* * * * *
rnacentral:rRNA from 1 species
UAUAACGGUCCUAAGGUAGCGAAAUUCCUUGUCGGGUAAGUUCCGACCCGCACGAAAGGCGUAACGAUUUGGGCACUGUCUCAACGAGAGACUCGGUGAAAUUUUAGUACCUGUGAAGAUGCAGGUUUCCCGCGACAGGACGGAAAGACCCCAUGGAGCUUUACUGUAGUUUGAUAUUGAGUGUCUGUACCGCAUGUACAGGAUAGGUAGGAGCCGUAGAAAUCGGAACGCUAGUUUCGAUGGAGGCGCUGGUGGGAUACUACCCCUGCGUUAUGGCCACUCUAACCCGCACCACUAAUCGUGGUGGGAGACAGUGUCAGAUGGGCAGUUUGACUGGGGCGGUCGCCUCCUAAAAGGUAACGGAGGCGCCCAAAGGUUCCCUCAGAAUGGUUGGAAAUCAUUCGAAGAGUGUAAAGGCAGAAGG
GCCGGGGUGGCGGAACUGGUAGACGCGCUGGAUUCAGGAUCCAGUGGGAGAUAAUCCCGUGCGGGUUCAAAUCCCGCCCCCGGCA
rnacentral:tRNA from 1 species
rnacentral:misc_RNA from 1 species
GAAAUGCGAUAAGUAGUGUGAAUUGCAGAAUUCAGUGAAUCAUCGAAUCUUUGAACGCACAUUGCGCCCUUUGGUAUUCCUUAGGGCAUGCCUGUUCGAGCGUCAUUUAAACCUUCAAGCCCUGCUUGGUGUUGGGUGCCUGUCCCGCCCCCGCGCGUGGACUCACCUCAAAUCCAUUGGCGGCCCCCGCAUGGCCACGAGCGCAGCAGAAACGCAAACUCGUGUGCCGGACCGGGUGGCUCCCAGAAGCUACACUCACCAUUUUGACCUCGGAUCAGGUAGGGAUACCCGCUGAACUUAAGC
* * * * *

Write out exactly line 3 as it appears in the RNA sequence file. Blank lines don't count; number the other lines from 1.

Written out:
GCCGGGGUGGCGGAACUGGUAGACGCGCUGGAUUCAGGAUCCAGUGGGAGAUAAUCCCGUGCGGGUUCAAAUCCCGCCCCCGGCA